Ad decimum dicendum quod omnia, quae in Deo sunt, sunt una eius simplex essentia, sed ea, quae in ipso sunt unum, in intellectu nostro sunt multa, et propter hoc intellectus noster potest apprehendere unum istorum sine altero. Inde est quod in statu viae de nullo eorum possumus cognoscere quid est, sed solum an est, et contingit quod cognoscatur, an est unum eorum et non alterum; sicut si aliquis cognosceret, an sit sapientia in Deo, non autem an in ipso sit omnipotentia. Et similiter potest ratione naturali sciri an Deus sit, non tamen an sit trinus et unus.
-- Super Boethium de Trinitate, p. 1, q. 1, a. 4, ad 10
"It should be said that whatever is said of God is one with his simple essence, but that the things that are one in him are many in our intellect, which is why our intellect can apprehend one without the other. That is why in this life we can know of none of them what it is but only that it is, and it happens that one of these [attributes] can be known without knowing another; for example, one might know that God is wise yet not know that he is omnipotent. In much the same way we can know by natural reason that God is, but not that he is three and one."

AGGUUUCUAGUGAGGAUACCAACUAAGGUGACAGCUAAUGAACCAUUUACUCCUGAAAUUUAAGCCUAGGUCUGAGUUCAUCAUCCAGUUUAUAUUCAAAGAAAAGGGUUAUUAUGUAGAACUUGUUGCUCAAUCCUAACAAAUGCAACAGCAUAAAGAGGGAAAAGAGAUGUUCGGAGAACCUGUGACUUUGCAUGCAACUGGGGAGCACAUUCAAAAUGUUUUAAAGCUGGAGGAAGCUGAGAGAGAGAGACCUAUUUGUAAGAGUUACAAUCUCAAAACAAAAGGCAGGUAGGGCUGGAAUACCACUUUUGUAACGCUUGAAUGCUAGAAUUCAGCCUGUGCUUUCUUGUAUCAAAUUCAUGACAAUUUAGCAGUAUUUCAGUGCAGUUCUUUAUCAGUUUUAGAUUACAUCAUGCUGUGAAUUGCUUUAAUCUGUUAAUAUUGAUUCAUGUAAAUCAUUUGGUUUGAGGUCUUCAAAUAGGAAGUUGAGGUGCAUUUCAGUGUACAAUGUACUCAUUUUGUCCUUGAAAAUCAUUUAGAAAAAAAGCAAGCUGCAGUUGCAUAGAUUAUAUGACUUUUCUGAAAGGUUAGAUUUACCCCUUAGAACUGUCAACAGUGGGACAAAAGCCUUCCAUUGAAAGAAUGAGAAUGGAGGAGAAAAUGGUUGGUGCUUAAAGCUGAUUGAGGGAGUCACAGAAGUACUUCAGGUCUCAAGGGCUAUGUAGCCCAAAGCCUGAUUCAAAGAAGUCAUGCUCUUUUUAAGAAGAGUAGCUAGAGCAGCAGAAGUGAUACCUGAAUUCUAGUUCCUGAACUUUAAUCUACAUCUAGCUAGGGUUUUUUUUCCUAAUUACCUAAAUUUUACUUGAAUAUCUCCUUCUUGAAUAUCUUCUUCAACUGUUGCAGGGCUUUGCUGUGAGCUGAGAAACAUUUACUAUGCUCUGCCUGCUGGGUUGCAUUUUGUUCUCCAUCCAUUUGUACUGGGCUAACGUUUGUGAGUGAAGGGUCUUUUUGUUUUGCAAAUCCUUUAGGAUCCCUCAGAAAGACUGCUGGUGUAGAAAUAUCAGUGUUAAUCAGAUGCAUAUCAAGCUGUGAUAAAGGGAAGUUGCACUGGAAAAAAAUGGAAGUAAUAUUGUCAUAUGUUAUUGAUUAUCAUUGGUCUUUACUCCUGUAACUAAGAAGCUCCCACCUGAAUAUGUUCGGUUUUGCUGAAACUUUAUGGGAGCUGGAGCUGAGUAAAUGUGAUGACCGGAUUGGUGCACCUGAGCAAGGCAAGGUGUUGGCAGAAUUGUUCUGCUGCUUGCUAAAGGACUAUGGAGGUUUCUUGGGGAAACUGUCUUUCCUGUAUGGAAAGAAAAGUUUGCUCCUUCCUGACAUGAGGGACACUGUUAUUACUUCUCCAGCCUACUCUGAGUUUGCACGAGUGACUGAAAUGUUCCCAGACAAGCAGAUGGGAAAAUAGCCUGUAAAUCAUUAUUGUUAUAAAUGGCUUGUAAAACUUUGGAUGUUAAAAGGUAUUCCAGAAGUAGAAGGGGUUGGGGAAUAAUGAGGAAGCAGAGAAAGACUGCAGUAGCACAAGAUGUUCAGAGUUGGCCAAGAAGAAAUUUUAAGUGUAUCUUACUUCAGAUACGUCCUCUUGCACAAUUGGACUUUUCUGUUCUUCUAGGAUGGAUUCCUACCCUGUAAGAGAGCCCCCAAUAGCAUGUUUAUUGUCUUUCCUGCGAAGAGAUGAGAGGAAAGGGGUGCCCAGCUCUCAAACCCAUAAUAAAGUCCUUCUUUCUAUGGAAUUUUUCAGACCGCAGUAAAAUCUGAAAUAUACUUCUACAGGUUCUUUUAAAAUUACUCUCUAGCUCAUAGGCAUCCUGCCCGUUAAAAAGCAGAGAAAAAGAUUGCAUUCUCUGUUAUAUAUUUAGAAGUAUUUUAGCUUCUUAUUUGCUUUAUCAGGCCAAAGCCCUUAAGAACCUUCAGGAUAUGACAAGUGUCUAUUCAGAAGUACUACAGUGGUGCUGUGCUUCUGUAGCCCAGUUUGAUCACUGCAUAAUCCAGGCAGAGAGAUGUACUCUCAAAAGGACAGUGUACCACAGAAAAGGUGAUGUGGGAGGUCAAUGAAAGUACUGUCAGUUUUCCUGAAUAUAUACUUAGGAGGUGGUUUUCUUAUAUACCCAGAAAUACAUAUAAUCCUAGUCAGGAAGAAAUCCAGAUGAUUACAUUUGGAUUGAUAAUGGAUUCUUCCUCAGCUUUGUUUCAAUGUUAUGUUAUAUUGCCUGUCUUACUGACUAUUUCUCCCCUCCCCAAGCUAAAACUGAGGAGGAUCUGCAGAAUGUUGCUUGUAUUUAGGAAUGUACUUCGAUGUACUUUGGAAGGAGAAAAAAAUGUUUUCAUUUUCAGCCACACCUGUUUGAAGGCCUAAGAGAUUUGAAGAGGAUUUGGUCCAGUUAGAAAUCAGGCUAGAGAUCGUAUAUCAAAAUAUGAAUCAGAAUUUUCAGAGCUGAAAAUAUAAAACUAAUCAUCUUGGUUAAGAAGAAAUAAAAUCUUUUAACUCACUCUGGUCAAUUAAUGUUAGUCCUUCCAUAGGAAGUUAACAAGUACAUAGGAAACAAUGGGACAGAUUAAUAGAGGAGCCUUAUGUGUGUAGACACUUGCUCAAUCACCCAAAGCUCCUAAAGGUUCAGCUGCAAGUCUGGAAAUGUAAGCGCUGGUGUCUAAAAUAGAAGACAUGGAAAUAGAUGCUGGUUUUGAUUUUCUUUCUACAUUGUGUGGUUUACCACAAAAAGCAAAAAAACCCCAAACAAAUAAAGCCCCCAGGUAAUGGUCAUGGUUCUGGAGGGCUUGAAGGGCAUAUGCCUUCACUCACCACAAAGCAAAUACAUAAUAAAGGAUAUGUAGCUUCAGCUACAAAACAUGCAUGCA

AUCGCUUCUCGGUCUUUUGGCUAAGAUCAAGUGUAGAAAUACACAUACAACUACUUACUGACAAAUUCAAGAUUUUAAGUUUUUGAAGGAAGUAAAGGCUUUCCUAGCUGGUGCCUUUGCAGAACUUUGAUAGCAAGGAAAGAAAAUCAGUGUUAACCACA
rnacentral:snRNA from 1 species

-- tr. Ralph McInerny, Aquinas: Selected Writings (London, Penguin: 1998), p. 126.